Referring now to FIG. 7, in which like reference numerals refer to like features in FIG. 5, and with continued reference to FIG. 6, in block 116, the user may begin the process of scanning the receiving label 20 by activating the application icon 84, or if the application 34 is already running, the scan button 92. In response to activation of the application icon 84 or scan button 92, the application 34 may open a screen in the data display window 102 that enables the user to scan the machine readable code 21. The application 34 may use the built-in camera of the computing device 12 as the scanning device 30 to “scan” the machine readable code 21. As depicted in FIG. 7, to assist the recipient in capturing an image of the receiving label 20, the application 34 may display images currently being captured by the built-in camera in the data display window 102. The display may also include on-screen instructions instructing the user to point the camera at the machine readable code 21 and take a picture. In response to the recipient providing an indication that the machine readable code 21 is suitably framed in the camera (e.g., by tapping the data display window 102 or scan button 92), the application 34 may capture the displayed image. The application 34 may then identify the machine readable code 21 in the captured image and extract the data contained therein.

In response to scanning the receiving label 20, the process may proceed to block 118. In block 118, the application 34 determines the unique identifier 66 and the data identifying the link to the file space 68 based on data extracted from the machine readable code 21. The application 34 may then transmit a query 120 including the unique identifier 66 to the database 50. This query may be transmitted over the link identified by the link identifying data extracted from the machine readable code 21. In an embodiment of the present invention, the application 34 may be configured to direct all communication with the system 10 through the database 50. The database 50 may thereby prevent a person who has hacked the application 34 from having direct access to the entire system 10.

In response to receiving the query 120, the database 50 may determine if the unique identifier includes a valid authorization code. If the authorization code is valid, the database 50 may proceed to identify the file space 68 associated with the package 17 and transmit a response 122 to the computing device 12. In an alternative embodiment, the response 122 may be transmitted to some other suitable data receiving device, such a desktop computer. In other words, it is contemplated that the data receiving device may comprise the mobile scanning device, or alternatively, the data receiving device may comprise a computing device independent of the scanning device. The response 122 may include information relating to the package 17, which may be stored as one or more data structures 69 in the file space 68. This data may include, for example, clinical protocol data, a shipment number, a control/client order number, a shipment address, packing list information (e.g., a description and quantity of each payload and/or article in the package 17, as well as lot and part numbers, if applicable), storage requirements, and detailed unpacking instructions.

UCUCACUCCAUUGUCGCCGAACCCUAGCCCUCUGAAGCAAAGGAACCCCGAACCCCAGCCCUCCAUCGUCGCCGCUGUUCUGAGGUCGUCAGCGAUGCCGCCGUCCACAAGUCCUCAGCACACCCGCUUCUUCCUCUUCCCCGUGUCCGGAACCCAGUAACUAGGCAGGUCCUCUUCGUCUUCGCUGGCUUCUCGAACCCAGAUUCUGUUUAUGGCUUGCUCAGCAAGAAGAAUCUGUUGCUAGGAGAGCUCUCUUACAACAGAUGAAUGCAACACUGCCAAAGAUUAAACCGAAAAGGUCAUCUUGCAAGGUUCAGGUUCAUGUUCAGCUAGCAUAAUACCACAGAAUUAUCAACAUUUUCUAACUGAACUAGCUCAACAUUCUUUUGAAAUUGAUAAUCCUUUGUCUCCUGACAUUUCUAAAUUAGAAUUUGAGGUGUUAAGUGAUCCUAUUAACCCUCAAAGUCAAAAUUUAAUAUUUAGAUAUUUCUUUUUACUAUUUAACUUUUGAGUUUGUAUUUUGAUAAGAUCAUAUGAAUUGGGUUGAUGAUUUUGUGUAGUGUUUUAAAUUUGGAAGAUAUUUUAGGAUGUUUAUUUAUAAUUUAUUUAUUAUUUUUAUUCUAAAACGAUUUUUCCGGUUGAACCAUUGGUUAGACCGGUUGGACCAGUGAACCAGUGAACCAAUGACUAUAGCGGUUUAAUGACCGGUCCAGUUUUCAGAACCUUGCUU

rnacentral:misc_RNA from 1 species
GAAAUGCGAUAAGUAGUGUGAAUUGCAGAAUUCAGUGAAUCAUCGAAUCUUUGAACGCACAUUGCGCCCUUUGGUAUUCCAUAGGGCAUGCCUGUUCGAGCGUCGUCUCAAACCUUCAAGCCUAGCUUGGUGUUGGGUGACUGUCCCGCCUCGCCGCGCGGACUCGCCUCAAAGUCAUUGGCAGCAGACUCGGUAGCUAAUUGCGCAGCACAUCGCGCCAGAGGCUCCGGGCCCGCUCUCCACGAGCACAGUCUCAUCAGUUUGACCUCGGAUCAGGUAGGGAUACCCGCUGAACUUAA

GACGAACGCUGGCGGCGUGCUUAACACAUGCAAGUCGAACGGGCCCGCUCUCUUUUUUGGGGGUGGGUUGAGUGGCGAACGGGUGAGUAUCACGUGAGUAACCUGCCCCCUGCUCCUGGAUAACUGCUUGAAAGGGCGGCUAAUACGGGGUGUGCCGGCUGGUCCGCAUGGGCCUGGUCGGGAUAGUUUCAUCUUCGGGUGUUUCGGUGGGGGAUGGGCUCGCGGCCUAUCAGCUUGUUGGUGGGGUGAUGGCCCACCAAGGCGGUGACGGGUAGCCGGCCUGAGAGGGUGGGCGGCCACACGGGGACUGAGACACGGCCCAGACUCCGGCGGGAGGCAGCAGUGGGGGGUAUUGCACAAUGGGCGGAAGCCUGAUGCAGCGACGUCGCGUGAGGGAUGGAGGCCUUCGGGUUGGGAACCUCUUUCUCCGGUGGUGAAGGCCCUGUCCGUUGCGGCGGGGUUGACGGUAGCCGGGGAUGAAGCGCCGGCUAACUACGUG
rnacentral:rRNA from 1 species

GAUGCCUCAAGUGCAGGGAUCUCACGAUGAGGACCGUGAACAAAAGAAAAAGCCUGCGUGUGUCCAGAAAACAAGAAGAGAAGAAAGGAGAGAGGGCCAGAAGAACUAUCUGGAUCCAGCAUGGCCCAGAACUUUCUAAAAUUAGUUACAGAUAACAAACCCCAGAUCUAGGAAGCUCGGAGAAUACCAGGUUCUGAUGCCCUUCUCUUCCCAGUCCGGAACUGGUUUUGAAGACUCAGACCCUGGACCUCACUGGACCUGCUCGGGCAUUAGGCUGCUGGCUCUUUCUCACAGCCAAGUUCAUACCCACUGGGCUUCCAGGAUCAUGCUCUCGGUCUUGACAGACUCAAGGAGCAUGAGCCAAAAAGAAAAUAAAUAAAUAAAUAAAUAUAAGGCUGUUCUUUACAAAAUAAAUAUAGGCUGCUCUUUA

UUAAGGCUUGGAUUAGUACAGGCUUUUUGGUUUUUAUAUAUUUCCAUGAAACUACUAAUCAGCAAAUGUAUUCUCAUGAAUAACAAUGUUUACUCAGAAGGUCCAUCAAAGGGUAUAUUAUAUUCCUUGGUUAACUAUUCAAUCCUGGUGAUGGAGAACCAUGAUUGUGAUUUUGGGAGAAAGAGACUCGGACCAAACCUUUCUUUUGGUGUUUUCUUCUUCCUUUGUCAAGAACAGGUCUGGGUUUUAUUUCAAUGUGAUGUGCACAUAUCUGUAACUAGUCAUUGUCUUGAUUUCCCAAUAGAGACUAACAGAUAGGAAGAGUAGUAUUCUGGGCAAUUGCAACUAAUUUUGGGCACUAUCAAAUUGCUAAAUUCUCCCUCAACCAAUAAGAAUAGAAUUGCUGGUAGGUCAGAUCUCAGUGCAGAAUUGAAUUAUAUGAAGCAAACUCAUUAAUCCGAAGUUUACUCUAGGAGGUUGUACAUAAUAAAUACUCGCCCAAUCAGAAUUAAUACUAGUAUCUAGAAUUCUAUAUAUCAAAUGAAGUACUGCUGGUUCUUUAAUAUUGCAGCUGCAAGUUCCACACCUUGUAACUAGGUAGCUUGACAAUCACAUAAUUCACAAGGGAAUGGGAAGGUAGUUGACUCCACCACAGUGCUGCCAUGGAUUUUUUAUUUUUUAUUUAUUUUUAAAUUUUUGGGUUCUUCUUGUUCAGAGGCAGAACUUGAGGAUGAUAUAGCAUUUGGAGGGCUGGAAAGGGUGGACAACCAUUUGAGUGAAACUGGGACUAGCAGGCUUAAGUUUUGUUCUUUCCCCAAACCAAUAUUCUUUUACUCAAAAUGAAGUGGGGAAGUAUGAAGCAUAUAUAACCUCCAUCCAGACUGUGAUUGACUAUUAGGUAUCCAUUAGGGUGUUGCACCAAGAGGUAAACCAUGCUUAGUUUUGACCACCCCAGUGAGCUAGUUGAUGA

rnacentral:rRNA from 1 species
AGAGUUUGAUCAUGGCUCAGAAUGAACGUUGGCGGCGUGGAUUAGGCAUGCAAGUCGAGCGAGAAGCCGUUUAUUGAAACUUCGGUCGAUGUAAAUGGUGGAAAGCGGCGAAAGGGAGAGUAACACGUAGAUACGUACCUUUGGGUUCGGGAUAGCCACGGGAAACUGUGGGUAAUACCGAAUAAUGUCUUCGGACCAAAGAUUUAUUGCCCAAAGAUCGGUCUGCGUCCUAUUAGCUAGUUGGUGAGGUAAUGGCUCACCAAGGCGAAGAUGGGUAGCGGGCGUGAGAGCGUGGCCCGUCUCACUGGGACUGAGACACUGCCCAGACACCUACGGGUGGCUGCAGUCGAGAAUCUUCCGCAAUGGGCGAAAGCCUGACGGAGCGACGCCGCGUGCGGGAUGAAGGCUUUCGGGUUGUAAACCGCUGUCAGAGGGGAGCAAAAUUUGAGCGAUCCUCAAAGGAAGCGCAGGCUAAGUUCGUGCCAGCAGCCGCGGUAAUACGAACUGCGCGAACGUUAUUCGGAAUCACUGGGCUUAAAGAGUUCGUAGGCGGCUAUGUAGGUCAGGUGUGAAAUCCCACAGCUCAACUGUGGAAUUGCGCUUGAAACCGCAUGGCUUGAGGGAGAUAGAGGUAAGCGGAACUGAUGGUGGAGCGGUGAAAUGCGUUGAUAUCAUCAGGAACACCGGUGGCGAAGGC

The database 50 may also record use of the application 34 to scan the receiving labels 20. The database 50 may thereby build a record that can be used to track metrics relating to use of the application 34. Data stored in this application record may include data relating to use of the application 34 for a specific shipment, package 17, payload, and/or article, the date and time the receiving labels 20 was scanned, a location of the computing device 12 at the time of the scan, as well as IP Addresses and MAC addresses of the computing device 12 and any intervening network nodes.

If the authorization code is not valid, the database 50 may transmit a response 122 to the application 34 indicating that an error has occurred. The database 50 may also record the occurrence of the error in an error table. This error table may be maintained separately from a table of successful scans to facilitate tracking of errors. The error table may, for example, be used to provide an alerting feature that alerts a support team when an error occurs more than predetermined number of times, which could indicate an attempt to access clinical trial data by an unauthorized party.

In an alternative embodiment of the invention, the application 34 may be configured to determine if the machine readable code 21 contains valid data based on an internal analysis prior to sending the query 120. This alternative embodiment may thereby reduce traffic between the computing device 12 and database 50. In any case, in response to receiving the response 122, the application 34 may proceed to block 124.